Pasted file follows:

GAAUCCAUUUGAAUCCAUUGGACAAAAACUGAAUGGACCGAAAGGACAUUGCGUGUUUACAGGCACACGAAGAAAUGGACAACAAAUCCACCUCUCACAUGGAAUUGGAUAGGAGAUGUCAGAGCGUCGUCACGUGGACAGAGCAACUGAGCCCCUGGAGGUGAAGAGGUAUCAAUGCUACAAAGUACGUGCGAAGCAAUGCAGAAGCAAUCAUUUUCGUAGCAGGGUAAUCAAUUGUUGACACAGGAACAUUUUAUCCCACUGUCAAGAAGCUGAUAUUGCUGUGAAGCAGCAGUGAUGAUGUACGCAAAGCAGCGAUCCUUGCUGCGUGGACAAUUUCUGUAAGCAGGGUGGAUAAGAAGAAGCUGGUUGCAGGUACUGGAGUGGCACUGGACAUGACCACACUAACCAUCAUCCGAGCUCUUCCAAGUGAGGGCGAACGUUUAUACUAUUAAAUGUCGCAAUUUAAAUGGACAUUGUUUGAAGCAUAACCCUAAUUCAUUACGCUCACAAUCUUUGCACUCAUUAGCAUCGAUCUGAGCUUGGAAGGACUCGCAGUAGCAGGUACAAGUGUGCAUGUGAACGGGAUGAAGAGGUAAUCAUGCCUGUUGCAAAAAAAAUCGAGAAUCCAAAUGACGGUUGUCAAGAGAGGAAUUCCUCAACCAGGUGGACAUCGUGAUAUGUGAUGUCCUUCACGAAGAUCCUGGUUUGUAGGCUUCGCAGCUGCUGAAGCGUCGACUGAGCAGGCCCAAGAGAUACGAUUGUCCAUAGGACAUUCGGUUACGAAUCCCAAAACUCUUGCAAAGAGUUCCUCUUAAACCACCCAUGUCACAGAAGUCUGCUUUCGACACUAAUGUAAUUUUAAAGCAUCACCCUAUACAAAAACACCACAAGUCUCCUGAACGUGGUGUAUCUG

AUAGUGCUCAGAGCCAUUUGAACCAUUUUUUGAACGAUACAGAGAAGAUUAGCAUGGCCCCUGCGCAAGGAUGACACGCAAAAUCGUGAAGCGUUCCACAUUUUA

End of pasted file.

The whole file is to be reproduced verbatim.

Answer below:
GAAUCCAUUUGAAUCCAUUGGACAAAAACUGAAUGGACCGAAAGGACAUUGCGUGUUUACAGGCACACGAAGAAAUGGACAACAAAUCCACCUCUCACAUGGAAUUGGAUAGGAGAUGUCAGAGCGUCGUCACGUGGACAGAGCAACUGAGCCCCUGGAGGUGAAGAGGUAUCAAUGCUACAAAGUACGUGCGAAGCAAUGCAGAAGCAAUCAUUUUCGUAGCAGGGUAAUCAAUUGUUGACACAGGAACAUUUUAUCCCACUGUCAAGAAGCUGAUAUUGCUGUGAAGCAGCAGUGAUGAUGUACGCAAAGCAGCGAUCCUUGCUGCGUGGACAAUUUCUGUAAGCAGGGUGGAUAAGAAGAAGCUGGUUGCAGGUACUGGAGUGGCACUGGACAUGACCACACUAACCAUCAUCCGAGCUCUUCCAAGUGAGGGCGAACGUUUAUACUAUUAAAUGUCGCAAUUUAAAUGGACAUUGUUUGAAGCAUAACCCUAAUUCAUUACGCUCACAAUCUUUGCACUCAUUAGCAUCGAUCUGAGCUUGGAAGGACUCGCAGUAGCAGGUACAAGUGUGCAUGUGAACGGGAUGAAGAGGUAAUCAUGCCUGUUGCAAAAAAAAUCGAGAAUCCAAAUGACGGUUGUCAAGAGAGGAAUUCCUCAACCAGGUGGACAUCGUGAUAUGUGAUGUCCUUCACGAAGAUCCUGGUUUGUAGGCUUCGCAGCUGCUGAAGCGUCGACUGAGCAGGCCCAAGAGAUACGAUUGUCCAUAGGACAUUCGGUUACGAAUCCCAAAACUCUUGCAAAGAGUUCCUCUUAAACCACCCAUGUCACAGAAGUCUGCUUUCGACACUAAUGUAAUUUUAAAGCAUCACCCUAUACAAAAACACCACAAGUCUCCUGAACGUGGUGUAUCUG

AUAGUGCUCAGAGCCAUUUGAACCAUUUUUUGAACGAUACAGAGAAGAUUAGCAUGGCCCCUGCGCAAGGAUGACACGCAAAAUCGUGAAGCGUUCCACAUUUUA